The beneficial short- and long-term outcomes for securely attached infants are impressive. Short-range benefits are that securely attached infants are more responsive than insecure infants in face-to-face play. Furthermore, they have more varied means of communication, cry less, and quiet more easily when picked up (Ainsworth et al., 1978; Isabella & Belsky, 1991). Also, securely attached infants usually become toddlers who demonstrate more exploratory behavior than infants who do not demonstrate secure attachment (Ainsworth, 1973), and they tend to become children who are competent in a wide array of social and cognitive skills (Fagot, 1997). For example, Bakel and Riksen-Walveren (2002) found that securely attached children are notably more compliant than children who are not securely attached. Conversely, infants with avoidant and disorganized attachment demonstrate significantly more negative behaviors than do securely attached children. Finally, Hobson, Patrick, and Crandell (2004) demonstrated that infants whose mothers respond to them in a sensitive manner have a propensity to share experiences with their mother and also are more likely to engage with others in their environment.
Demand Feeding: An Example of Responsive Caregiving
An illustration of child care in which parental responsiveness to infants has developmental implications can be observed in how and when parents feed their infants. Whether to feed the baby on demand is an important decision for parents, ranking alongside the choice to breastfeed or bottle-feed. Throughout the world and all through history, babies have been fed when they cried to be fed. As noted by Nelson (1998), crying is an inborn behavior that is primarily an appeal for the protective presence of a parent. Thus, infant crying triggers corresponding care taking behavior in the parents. Because the cry of the infant is an inborn behavior, the natural response of the parent to feed the hungry baby is an appropriate one. Furthermore, ample research evidence supports demand feeding. In their classic 1969 study, linking parental responsiveness to infant attachment, Ainsworth and Bell reported relationships between mothers' feeding styles during the first 3 months of their infants' lives and the patterns of attachment behavior exhibited at age 12 months. Infants who were fed on demand were more likely to have secure attachment to their mothers than infants who received scheduled feeding.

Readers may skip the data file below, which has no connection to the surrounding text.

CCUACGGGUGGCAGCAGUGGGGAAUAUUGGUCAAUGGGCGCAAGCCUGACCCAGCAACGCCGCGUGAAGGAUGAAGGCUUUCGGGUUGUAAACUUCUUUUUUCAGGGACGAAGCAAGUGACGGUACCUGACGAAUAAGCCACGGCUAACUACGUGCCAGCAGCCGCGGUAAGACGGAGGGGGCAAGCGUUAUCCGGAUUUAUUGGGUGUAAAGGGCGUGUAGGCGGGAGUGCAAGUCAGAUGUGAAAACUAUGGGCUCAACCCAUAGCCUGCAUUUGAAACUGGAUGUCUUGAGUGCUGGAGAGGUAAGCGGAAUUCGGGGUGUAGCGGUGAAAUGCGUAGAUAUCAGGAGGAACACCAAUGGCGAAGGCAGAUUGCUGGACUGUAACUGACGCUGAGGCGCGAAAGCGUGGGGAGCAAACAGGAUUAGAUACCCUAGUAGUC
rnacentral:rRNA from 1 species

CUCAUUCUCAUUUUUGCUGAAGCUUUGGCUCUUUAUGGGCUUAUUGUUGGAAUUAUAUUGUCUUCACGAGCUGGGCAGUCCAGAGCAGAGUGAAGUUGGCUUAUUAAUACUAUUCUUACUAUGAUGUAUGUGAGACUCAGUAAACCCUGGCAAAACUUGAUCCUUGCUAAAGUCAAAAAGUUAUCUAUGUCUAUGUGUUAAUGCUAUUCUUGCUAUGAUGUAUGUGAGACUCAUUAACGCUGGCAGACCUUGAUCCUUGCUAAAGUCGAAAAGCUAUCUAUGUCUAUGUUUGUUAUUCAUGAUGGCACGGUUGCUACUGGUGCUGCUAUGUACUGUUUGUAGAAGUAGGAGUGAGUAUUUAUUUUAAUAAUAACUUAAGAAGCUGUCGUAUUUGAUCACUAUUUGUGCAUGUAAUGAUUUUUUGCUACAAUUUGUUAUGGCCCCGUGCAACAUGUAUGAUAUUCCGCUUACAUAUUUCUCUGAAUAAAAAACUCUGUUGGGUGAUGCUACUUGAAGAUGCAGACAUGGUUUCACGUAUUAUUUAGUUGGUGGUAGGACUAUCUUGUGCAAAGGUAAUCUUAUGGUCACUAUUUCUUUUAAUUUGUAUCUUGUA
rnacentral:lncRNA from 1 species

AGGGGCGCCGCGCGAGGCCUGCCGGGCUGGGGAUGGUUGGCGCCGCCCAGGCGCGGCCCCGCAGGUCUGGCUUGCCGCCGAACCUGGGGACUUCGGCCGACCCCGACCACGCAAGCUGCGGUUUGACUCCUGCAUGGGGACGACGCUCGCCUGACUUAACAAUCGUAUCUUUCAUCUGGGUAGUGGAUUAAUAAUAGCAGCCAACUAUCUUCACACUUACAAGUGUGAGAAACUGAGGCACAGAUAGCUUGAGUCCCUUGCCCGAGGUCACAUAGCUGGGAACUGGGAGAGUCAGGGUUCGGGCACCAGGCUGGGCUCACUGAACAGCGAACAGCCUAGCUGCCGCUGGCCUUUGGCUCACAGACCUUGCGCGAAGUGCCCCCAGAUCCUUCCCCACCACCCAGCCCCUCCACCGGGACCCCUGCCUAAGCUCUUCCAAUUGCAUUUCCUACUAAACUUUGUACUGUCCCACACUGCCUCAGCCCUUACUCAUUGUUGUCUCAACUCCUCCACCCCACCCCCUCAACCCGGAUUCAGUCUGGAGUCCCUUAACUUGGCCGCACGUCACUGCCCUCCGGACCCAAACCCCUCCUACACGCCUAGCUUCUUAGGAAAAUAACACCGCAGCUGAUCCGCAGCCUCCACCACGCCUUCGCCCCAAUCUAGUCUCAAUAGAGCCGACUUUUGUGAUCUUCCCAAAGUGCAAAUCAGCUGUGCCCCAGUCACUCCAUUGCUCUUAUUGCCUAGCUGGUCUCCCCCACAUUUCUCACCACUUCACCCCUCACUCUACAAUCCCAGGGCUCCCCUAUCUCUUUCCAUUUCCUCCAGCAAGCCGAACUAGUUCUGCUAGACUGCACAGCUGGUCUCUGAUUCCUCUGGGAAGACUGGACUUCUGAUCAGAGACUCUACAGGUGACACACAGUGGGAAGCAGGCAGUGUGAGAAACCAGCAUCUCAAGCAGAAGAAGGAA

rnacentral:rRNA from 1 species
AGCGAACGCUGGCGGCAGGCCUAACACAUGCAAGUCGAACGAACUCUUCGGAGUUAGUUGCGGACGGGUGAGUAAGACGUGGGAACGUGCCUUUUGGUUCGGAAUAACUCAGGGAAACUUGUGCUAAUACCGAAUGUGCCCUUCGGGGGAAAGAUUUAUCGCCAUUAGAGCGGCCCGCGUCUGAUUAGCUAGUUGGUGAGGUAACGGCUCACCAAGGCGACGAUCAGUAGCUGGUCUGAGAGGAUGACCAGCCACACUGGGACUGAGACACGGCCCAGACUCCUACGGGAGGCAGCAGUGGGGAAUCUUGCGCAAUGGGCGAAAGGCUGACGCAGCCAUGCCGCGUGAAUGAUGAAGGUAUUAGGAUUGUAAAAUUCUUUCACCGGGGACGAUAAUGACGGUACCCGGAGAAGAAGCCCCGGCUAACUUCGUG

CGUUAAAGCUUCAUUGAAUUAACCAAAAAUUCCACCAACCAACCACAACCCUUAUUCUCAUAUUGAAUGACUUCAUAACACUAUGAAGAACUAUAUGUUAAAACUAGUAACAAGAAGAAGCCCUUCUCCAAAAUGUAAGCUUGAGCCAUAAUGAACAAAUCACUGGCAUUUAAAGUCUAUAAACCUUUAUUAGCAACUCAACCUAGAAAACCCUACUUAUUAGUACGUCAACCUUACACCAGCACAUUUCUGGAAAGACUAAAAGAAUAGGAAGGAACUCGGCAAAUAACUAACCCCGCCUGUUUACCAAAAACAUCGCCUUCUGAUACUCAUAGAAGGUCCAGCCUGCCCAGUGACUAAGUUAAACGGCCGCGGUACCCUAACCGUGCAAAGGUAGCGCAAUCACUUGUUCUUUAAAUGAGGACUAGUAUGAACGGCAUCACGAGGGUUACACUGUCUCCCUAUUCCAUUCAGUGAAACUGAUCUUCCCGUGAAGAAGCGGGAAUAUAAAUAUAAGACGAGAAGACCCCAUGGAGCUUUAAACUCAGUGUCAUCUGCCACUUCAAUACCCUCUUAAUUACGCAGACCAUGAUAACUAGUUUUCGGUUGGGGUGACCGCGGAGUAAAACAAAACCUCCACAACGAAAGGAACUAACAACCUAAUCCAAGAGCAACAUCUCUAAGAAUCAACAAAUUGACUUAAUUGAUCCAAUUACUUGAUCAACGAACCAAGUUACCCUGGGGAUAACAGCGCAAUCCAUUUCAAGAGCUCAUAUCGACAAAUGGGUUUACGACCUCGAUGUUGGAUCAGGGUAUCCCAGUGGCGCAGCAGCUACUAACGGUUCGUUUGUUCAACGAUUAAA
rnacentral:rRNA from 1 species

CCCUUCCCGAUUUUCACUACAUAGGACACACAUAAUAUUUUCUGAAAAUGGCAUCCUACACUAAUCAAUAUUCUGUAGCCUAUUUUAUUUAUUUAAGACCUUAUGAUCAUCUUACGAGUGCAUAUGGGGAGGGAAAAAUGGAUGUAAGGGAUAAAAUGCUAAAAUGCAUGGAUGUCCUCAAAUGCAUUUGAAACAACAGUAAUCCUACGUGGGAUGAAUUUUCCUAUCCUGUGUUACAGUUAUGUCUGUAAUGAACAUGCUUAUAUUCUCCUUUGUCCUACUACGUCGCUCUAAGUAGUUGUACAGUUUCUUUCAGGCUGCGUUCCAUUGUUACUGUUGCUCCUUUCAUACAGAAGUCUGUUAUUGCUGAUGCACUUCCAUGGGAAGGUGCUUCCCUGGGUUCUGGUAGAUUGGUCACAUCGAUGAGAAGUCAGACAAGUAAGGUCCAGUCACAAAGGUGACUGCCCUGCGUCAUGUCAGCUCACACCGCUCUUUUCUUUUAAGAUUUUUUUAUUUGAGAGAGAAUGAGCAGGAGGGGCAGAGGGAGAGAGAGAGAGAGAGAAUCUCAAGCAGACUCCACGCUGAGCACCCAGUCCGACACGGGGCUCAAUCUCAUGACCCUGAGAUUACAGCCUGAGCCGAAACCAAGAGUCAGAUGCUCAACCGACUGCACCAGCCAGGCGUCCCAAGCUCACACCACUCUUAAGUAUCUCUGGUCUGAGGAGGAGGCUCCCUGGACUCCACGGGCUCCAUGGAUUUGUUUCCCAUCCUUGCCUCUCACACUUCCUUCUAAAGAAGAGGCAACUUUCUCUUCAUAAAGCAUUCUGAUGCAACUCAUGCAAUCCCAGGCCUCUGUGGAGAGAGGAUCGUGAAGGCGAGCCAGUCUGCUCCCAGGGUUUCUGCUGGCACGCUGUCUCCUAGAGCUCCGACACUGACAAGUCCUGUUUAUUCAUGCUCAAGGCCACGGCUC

A Cross-Cultural Perspective of Parental Sensitivity
Parental sensitivity to infants is a global phenomenon and can be seen in parent-infant interactions throughout the world. In traditional cultures such as Bali and many African cultures, parents maintain physical closeness to their babies by continuously carrying them, and by practicing co-sleeping (Ainsworth, 1967; Ball, Hooker, & Kelly, 1999). Studies of the effects of infant carrying and co-sleeping have been positively related to the physical and social-emotional development of infants. As a case in point, infant carrying by Ugandan mothers was found by Ainsworth (1967) to be correlated with secure attachment as well as advanced gross motor development. An advantage of co-sleeping is that it is beneficial for helping to regulate the infant's physiological functioning and for promoting closeness to the parents (Feldman et al., 2002). Recent research also supports the link between parental care and infant security in non-Western cultures. Posada et al. (2004) found that the maternal sensitivity of Colombian mothers is significantly related to their infants' secure attachment. Cross-cultural findings supporting the link between parental sensitivity and infant security suggest that differences in the way parental sensitivity is expressed do not challenge the sensitivity-security link. From an infant's perspective, what matters most is that their signals are responded to appropriately by their parents and other caregivers.